Wilderness Weekly 2.11.22

Photo Credit: Rosalie - outBACK Clinical Support Specialist


This week the Goannas received ample opportunities to grow as they played games, busted coals, resolved conflicts, cooked fancy dessert meals, and mentally processed letters they had received. At the start of the week Golden Season held a naming ceremony for staff member who accepted their new field name as Fierce Glacier. Partway through the week, the group was excited about a day hike in  search for an old abandoned cabin. They never found the cabin, but they did get to explore the area between Indian Peak and Red Pine mountains which contained a run down ranch. In addition, they enjoyed playing a version of two hand touch football with a hacky sack in a clearing they had discovered.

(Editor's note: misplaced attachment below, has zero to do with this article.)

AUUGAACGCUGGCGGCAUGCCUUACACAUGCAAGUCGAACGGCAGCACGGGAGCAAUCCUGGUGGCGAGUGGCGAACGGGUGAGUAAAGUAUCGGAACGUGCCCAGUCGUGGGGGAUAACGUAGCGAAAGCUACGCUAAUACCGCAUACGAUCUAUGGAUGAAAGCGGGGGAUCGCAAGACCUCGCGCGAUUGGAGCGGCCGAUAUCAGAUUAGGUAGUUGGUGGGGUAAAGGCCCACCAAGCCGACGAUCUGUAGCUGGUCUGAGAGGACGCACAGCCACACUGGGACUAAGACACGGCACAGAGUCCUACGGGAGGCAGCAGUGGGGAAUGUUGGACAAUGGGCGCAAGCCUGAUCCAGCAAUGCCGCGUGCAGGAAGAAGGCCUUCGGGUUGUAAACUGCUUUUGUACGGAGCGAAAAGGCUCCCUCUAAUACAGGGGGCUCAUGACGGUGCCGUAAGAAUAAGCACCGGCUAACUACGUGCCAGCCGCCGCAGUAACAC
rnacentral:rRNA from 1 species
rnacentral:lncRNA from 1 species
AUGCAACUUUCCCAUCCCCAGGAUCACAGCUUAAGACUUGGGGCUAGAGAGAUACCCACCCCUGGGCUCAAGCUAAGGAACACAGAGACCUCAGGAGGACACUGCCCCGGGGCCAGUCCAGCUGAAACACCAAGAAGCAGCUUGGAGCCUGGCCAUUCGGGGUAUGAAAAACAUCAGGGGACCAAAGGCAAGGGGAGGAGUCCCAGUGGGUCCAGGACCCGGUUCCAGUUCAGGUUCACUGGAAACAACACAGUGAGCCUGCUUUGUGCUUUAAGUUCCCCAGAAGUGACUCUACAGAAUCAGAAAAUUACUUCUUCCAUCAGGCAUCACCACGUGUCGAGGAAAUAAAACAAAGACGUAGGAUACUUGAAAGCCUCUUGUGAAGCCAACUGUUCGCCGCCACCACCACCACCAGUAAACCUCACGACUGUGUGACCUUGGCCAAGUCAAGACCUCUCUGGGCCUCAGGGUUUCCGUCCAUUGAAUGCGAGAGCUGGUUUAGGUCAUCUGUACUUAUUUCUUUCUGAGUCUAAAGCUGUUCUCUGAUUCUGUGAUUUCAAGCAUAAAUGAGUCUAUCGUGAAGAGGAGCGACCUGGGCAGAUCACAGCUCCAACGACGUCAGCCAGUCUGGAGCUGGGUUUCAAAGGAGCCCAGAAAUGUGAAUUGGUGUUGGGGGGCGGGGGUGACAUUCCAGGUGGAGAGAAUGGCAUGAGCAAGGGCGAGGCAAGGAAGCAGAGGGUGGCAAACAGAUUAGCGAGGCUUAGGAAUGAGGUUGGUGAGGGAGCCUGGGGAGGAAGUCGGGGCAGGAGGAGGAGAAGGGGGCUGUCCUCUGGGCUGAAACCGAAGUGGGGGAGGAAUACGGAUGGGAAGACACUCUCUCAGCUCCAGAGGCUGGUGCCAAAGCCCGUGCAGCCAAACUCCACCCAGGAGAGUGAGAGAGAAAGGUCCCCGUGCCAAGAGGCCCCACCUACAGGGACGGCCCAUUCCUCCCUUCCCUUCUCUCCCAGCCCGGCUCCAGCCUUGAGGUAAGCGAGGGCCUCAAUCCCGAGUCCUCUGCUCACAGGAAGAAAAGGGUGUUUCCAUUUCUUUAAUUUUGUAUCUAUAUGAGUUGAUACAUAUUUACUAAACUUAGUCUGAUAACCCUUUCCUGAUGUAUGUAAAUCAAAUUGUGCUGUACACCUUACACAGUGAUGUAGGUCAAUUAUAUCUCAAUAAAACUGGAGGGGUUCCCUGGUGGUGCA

One of the students led a very powerful gathering on some low moments that we had all experienced and how our own struggles can cause stress on our relationships with those around us. Another student led a gathering on the lessons they learned from “The Alchemist” and posed questions about what path we all felt we were on. On a number of occasions throughout the week the students enjoyed cooking and made everything from baked calzones (which they deemed to be commercial worthy), sweet rice, and a variety of breads. They were also productive in finishing up assignments including first camp books, busting coals, and blowing them into flames. One student even fully completed their fire set! Three students were able to complete their first camp assignments. The Goannas ended the week with a strong logistical team setting up and breaking down camp. Everyone was able to participate in the group and create space for those who struggled.